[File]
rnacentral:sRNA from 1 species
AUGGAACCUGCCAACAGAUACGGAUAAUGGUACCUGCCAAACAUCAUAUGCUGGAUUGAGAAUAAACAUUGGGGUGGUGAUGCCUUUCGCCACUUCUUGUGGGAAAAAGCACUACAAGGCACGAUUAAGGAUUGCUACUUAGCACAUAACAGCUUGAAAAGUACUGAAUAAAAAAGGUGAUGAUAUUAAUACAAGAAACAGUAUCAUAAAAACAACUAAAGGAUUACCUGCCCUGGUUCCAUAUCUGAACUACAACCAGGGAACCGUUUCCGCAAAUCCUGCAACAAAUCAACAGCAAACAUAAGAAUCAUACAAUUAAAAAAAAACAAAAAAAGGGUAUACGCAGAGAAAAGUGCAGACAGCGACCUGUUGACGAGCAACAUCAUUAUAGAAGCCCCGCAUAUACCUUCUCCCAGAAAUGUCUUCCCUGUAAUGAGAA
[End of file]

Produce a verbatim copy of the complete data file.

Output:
rnacentral:sRNA from 1 species
AUGGAACCUGCCAACAGAUACGGAUAAUGGUACCUGCCAAACAUCAUAUGCUGGAUUGAGAAUAAACAUUGGGGUGGUGAUGCCUUUCGCCACUUCUUGUGGGAAAAAGCACUACAAGGCACGAUUAAGGAUUGCUACUUAGCACAUAACAGCUUGAAAAGUACUGAAUAAAAAAGGUGAUGAUAUUAAUACAAGAAACAGUAUCAUAAAAACAACUAAAGGAUUACCUGCCCUGGUUCCAUAUCUGAACUACAACCAGGGAACCGUUUCCGCAAAUCCUGCAACAAAUCAACAGCAAACAUAAGAAUCAUACAAUUAAAAAAAAACAAAAAAAGGGUAUACGCAGAGAAAAGUGCAGACAGCGACCUGUUGACGAGCAACAUCAUUAUAGAAGCCCCGCAUAUACCUUCUCCCAGAAAUGUCUUCCCUGUAAUGAGAA